Juggling the emerging contaminant timebomb – understanding the risks.
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|Employees of public sector organisations *||£20|
Update 06/05/21: Please note that all reduced price tickets have now been taken.
Ian Martin (Environment Agency)
An overview of current Environment Agency research into emerging contaminants
Ian is a senior scientist in the Chief Scientist’s Group at the Environment Agency, undertaking research on the health and environmental impacts of soil contamination, providing specialist advice to support our regulatory activities, and working with academics to develop the underpinning evidence. He began work on the assessment and remediation of contaminated sites in the early 1990s, joining the Environment Agency in 1997, and led the CLEA Research Programme for 10 years. More recently he has focused on emerging contaminants in materials applied to land such as biosolids, which include the effect on soil and health of persistent pollutants (such as PFAS), microplastics, and the role of clinical and agricultural antimicrobials in AMR.
Sarah Bull (Cambridge Environmental Assessment)
Toxicology of selected emerging contaminants, perspectives from other countries
Dr Sarah Bull is European Registered Toxicologist and has worked advising about risk to health from contaminants in soil and water for over 15 years. She previously worked at the Department of Health and Public health England before moving into consultancy. She now works part time for RSK and part time as an independent consultant, providing toxicology and human health risk assessment advice to a variety of stakeholders, including governmental committees on toxicity, mutagenicity and carcinogenicity via PHE, Drinking Water Inspectorate, Environment Agency, DG Environment as well as various industrial clients. She was initially involved in deriving SGVs and was part of the team, commissioned by Defra, to develop the framework for determining category 4 screening levels and along with Camilla Alexander-White, determined the low level of toxicological concern values for the first 6 contaminants. She is currently participating in the project to derive C4SL for the next 20 contaminants.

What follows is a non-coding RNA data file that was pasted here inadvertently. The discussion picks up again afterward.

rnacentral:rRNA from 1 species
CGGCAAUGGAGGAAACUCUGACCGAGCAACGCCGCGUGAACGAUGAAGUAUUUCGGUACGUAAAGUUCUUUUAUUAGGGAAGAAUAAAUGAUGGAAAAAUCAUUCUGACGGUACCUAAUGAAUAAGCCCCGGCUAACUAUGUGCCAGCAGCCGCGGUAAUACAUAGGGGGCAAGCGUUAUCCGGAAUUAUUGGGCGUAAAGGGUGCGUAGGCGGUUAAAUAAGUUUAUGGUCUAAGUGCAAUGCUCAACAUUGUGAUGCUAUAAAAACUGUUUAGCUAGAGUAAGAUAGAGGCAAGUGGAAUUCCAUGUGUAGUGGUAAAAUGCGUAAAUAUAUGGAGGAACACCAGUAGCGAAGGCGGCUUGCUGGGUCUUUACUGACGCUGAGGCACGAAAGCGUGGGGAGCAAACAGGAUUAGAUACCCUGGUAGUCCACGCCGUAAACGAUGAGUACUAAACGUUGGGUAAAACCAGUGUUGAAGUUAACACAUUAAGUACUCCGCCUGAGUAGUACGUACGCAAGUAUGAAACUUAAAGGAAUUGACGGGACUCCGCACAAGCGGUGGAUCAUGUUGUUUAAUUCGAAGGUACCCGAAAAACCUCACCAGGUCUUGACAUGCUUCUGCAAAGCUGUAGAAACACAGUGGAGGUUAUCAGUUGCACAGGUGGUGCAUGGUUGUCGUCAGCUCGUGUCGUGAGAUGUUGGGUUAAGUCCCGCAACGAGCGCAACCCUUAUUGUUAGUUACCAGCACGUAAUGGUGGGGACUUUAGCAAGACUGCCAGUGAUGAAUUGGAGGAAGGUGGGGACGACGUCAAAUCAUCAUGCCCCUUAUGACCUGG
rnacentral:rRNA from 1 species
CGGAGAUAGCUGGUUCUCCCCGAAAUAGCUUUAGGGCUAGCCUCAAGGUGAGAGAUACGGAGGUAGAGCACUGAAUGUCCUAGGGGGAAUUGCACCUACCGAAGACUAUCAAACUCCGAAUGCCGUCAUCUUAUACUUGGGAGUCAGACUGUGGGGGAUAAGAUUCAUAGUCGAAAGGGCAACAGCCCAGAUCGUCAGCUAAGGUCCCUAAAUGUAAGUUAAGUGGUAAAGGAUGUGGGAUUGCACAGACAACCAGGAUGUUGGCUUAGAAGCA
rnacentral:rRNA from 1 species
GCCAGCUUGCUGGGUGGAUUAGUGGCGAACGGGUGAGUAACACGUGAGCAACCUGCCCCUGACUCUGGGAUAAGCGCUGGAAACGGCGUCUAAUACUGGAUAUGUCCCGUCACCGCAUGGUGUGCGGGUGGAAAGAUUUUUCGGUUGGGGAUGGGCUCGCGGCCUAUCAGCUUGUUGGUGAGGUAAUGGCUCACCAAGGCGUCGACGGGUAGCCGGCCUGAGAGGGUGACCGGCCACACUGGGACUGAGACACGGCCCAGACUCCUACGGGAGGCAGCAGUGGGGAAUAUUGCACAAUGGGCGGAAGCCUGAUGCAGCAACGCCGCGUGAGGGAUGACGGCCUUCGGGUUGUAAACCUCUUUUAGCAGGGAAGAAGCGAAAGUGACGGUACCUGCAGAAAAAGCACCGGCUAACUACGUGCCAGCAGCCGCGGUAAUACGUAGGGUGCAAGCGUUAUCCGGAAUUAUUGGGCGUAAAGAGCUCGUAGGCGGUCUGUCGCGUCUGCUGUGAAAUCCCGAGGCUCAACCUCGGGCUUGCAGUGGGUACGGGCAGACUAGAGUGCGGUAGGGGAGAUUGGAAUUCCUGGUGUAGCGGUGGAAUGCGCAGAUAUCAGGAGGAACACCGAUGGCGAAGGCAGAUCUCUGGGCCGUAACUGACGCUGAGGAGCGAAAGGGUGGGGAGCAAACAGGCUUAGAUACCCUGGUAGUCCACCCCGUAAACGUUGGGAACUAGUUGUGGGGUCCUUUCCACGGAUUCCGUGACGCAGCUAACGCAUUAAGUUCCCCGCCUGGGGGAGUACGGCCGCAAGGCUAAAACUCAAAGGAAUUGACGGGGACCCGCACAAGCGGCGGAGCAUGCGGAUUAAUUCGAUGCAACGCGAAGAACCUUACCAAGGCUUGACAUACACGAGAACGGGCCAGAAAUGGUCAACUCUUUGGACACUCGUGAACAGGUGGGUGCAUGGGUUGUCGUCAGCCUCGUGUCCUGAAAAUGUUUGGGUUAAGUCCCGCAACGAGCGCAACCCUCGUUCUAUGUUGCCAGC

Mark Craig (UK Water Industry Research and Severn Trent Water)
Hazardous substances in sewage and biosolids – latest findings and further research
Mark has worked for Severn Trent Water for 30 years, joining shortly after completing a Microbiology and Microbial Technology degree at Warwick University. For the last 10 years he has been primarily involved with development of long term wastewater strategies, with particular focus on how we deliver the environmental enhancements needed to deliver good ecological status in the UK’s rivers. Mark has been Severn Trent Water’s representative on the UKWIR Chemical Investigations Programme for the better part of 10 years. He’s also been on the steering groups for a number of other UKWIR projects covering subjects such as PFAS, anti-microbial resistance, and pharmaceuticals in sewage.
Ian Ross (Tetratech)
PFAS –emerging issues in risk assessment, an international and UK perspective
Ian Ross, Ph.D., is a Technical Director and Global PFAS Practice Lead at Tetra Tech. Ian is a biochemist by training and works for Tetra Tech as a technical expert for assessment of contaminated land sites and PFAS decontamination using experience of surfactant behavior gained from projects staring in 1987. He has focused solely on PFAS management for the last 7 years after first evaluating solutions to manage PFOS in 2005. He has experience with PFAS fate and transport, development of conceptual site models and use of multiple physical, chemical and biological treatment technologies. He has extensive experience of applied research and consultancy work on contaminated land projects and has commercialized innovative remedial technologies resulting in winning several national and international awards. Ian was part of the team authoring the CONCAWE PFAS guidance document and has published many articles, academic publications and book chapters on PFAS analysis, site investigation and remediation, including a recent book entitled “Emerging Contaminants Handbook.